- How did you choose the title of your book?
How? As usual, with difficulty. One begins by laying out possibilities in the same fashion that a casino dealer lays out playing cards. Inevitably, the prospective titles fall into what I shall call “title genres.” The first genre encompasses prospective titles that, to the extent possible, attempt to convey the subject of the book. This is hardly a problem with a fact-based publication, such as an academic study. With fiction, on the other hand, it is an enormous problem. A long, descriptive title tends to be colourless. It might also contain inadvertent “spoilers.” I rarely chose my title from this pile of cards. Next come the contenders that give a broad sense of time and place. Examples, of which there are many, would be Love in the Time of Cholera, La Chartreuse de Parme, Im Westen Nichts Neues . . . and the list goes on. Finally, there is the sort of title I prefer. It gives no specifics but conveys in a word or two the atmosphere in which the novel is steeped. THE EAST WIND struck me as a perfect title for the work under discussion. It is a reference to one graphic scene in the book, a scene that does not recur and does not constitute any sort of theme. It tells you nothing about the story. But, in my admittedly biased opinion, it captures the eerie sense of foreboding I sought as a prelude to the story.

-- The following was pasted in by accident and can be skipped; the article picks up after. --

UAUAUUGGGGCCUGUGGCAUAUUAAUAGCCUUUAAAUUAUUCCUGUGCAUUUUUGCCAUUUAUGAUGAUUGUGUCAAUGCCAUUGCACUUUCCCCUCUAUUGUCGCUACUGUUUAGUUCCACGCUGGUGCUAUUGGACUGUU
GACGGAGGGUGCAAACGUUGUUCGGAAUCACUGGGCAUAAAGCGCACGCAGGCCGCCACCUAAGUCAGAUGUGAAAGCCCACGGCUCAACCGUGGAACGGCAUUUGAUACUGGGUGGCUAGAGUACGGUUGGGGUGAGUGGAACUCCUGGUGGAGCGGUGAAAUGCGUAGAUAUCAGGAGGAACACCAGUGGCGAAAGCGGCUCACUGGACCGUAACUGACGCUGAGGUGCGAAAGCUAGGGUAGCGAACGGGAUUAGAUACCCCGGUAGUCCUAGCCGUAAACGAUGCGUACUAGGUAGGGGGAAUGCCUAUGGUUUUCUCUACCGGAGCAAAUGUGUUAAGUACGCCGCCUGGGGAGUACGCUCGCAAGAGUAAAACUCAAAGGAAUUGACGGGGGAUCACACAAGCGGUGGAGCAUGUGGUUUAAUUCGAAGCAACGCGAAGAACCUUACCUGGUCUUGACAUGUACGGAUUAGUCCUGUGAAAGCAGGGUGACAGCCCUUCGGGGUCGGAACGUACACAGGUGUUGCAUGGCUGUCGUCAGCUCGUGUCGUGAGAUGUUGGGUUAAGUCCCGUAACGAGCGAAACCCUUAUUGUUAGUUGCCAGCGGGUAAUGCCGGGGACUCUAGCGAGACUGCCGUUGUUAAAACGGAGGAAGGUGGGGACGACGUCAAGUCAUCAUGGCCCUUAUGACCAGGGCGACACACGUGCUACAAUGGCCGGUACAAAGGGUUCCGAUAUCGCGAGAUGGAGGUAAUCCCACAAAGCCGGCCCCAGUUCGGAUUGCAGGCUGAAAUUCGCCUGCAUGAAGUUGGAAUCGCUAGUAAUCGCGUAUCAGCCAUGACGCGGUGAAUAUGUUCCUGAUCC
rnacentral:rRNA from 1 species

- How would you describe your writing style?